And, like good clergy, we consulted Biblical experts. A local scholar explained that, for the vulnerable and fledgling Christian faith of the first century, the chief concern was to spread the Gospel, not to impede it. The Greek for word “marriage” is not even used in this text, even though modern readings apply it to interfaith marriage. Rather, “yoked” signifies “work,” as one would yoke oxen together to plow or haul. Therefore a more effective way of interpreting 2 Corinthians 6:14 might be to consider the essence of what the author meant by “working” with unbeliever.

In first century, an “unbeliever” would have been anyone exposed to but was not faithful to Christ’s teachings—someone not characterized by devotion, love, peace, mercy, and forgiveness. In the context of the early Church, it’s easy to understand why Paul might caution those first generations of “believers” against being “yoked” with someone for whom Christ was not relevant. If the goal was the spread the Gospel, “working” with an unbeliever might have impaired it.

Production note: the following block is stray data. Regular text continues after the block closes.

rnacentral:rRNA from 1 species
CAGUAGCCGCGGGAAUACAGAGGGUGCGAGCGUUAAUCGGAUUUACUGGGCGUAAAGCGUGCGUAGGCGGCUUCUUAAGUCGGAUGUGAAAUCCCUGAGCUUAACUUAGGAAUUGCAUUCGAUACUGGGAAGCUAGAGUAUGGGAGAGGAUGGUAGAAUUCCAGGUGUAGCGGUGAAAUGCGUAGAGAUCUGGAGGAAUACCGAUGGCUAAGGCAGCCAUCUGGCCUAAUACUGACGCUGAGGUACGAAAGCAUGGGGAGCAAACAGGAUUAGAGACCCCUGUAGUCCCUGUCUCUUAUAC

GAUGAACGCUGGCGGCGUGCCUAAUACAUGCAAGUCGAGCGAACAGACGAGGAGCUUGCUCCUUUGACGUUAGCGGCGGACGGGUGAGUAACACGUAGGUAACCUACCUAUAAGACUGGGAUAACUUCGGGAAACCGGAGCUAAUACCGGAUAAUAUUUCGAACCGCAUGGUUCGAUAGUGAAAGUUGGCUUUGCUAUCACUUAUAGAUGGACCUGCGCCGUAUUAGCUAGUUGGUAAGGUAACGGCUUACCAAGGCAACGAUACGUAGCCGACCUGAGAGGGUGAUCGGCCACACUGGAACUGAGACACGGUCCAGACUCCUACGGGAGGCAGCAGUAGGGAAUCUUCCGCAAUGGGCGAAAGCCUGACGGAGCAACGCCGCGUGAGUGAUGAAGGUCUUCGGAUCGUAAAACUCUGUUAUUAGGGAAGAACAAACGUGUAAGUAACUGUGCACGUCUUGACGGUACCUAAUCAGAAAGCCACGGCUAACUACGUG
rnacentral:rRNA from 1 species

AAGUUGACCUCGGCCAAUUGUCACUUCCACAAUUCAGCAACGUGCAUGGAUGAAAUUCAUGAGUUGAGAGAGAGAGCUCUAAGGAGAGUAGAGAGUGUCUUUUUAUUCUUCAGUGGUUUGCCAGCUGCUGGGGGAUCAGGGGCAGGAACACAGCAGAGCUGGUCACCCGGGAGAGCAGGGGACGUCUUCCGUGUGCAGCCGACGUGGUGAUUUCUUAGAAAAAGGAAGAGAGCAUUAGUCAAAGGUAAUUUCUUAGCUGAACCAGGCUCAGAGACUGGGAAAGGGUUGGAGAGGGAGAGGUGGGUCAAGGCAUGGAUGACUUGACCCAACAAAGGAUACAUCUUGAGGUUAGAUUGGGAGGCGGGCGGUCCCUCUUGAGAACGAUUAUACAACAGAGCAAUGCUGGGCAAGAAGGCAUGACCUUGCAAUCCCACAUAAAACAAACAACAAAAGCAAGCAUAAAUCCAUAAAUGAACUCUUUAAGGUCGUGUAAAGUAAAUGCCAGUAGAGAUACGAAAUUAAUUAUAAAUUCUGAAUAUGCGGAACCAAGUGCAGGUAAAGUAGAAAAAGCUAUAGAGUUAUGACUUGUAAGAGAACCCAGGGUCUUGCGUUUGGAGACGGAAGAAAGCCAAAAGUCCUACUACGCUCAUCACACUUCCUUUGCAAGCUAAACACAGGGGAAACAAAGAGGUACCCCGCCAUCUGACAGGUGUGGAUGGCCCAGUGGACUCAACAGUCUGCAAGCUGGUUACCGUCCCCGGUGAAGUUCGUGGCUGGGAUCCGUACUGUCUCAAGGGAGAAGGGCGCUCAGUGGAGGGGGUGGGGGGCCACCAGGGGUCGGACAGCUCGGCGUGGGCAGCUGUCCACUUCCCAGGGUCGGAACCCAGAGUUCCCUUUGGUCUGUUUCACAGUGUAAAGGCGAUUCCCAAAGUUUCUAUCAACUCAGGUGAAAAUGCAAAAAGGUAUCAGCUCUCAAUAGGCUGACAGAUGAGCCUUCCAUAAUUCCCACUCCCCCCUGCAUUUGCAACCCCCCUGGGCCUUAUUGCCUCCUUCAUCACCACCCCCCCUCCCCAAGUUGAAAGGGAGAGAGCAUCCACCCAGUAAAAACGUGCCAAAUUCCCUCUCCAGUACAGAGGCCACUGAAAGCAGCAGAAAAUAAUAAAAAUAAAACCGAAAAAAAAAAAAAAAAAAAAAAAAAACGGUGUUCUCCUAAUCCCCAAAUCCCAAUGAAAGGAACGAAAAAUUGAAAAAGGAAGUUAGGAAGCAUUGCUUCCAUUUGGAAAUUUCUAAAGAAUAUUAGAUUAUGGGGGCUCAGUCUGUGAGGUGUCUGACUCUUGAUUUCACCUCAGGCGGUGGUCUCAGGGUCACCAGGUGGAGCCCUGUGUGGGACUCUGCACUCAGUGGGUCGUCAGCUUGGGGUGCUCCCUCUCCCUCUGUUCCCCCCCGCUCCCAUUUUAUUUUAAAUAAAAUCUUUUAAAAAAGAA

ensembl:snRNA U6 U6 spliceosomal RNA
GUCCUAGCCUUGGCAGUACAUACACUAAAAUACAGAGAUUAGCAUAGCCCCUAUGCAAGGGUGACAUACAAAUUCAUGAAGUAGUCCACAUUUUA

Today, my husband’s deep Hindu faith has taught me to dig deeper into what Jesus would have me do. Perhaps Paul might have even considered me an “unbeliever,” as I claimed to be a baptized Christian, but my life did not inwardly and outwardly reflect the Gospel. Since marrying Fred, I re-attuned my life to Christian spiritual practices: spending more time in contemplative prayer, practicing non-violence through a vegetarian diet, limiting my consumption, and increasing my service to others.

Much to many Christians’ dismay, it took a person of another faith—a seemingly “unequally yoked” partner, to strengthen my Christian walk.

The concerns over the tenacity it takes to be yoked to a partner of a different faith are certainly valid. But perhaps the more important question to pose is how each partner’s individual spiritual journey strengthens their collective faith and results in their passion to share God’s love.

Fred and I have found that it’s not so much about having the same faith as it is about having deep faith.

Om and alleluia.

Lead Photo: Shutterstock